Both Botox and CGRP antibodies can be effective for Chronic Migraine . Still, 50 to 50% of patients do not get this response for Botox or CGRP antibodies. What if a combination was used?
A team from Quebec City reports on a 52 years-old woman suffering from chronic migraine . This woman had tried other preventives (amitriptyline , propranolol, duloxetine, candesartan, verapamil) and she was using a lot of acute meds (rizatriptan, fiorinal ¼, Gravol, Demerol, Tylenol and medical cannabis).
Over a year and a half, she was treated with either Botox alone, Aimovig alone or a combination, with four phases. In the end, the conclusion was that the combination was required for her to be optimally controlled.
|Before treatment||Botox phase|
|Botox + Aimovig Dec 2018- Feb 2019||Aimovig only March-May 2019||Botox + Aimovig July-Sept 2019|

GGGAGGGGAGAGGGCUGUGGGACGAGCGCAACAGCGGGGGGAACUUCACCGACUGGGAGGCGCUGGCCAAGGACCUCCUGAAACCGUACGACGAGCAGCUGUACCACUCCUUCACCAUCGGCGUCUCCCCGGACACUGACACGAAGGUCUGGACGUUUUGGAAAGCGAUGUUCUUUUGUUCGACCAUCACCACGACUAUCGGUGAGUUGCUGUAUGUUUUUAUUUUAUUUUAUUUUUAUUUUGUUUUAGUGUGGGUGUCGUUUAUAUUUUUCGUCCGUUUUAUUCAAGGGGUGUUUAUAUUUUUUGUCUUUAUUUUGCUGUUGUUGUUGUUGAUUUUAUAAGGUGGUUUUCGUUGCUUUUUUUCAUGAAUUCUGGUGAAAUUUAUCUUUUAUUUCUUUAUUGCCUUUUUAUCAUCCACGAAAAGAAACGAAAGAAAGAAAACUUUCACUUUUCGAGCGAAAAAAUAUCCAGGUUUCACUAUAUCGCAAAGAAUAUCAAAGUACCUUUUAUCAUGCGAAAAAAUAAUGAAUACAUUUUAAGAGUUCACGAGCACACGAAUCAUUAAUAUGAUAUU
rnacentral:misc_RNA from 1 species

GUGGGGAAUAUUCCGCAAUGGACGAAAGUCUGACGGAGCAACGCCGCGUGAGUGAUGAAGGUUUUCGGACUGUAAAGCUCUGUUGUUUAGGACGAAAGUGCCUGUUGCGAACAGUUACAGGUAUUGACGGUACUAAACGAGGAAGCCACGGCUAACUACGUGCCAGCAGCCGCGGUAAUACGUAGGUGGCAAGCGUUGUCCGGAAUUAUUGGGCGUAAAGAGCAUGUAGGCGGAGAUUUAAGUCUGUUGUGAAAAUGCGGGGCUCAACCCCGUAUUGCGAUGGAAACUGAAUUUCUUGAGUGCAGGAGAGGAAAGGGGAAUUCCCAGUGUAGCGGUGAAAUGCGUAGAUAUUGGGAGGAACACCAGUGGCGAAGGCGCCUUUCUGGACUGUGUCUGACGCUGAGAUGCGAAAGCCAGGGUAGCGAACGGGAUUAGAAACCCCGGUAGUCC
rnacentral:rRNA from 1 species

|Number per month on a mean over the observation period Similar improvements were seen for Gravol, Fiorinal and cannabinoid use|
|Migraine  Days||27||18||10||15||1|
The authors detail many arguments to support the combination of Botox and a monoclonal antibody. A post from Migraine Canada can be found here .
This case is only one case.
It is not a research on hundreds of people with elaborate statistics. It is not an ultimate proof. But this person’s story illustrates a few important things about people with chronic migraine :
- They do not always improve with oral preventives
- They sometimes need to go to the emergency department
- They may have to use opioids and cannabinoids, even if these are not ideal options
- They can get better even after years of suffering
- The optimal goal should be the lower attack frequency as possible, with 4-6/month being a target for Chronic Migraine starting at 15 or more.
Research makes a difference. We need more research on migraine and headaches in Canada!
Stay tuned, as Migraine Canada may post calls for testimonials and stories about migraine treatments.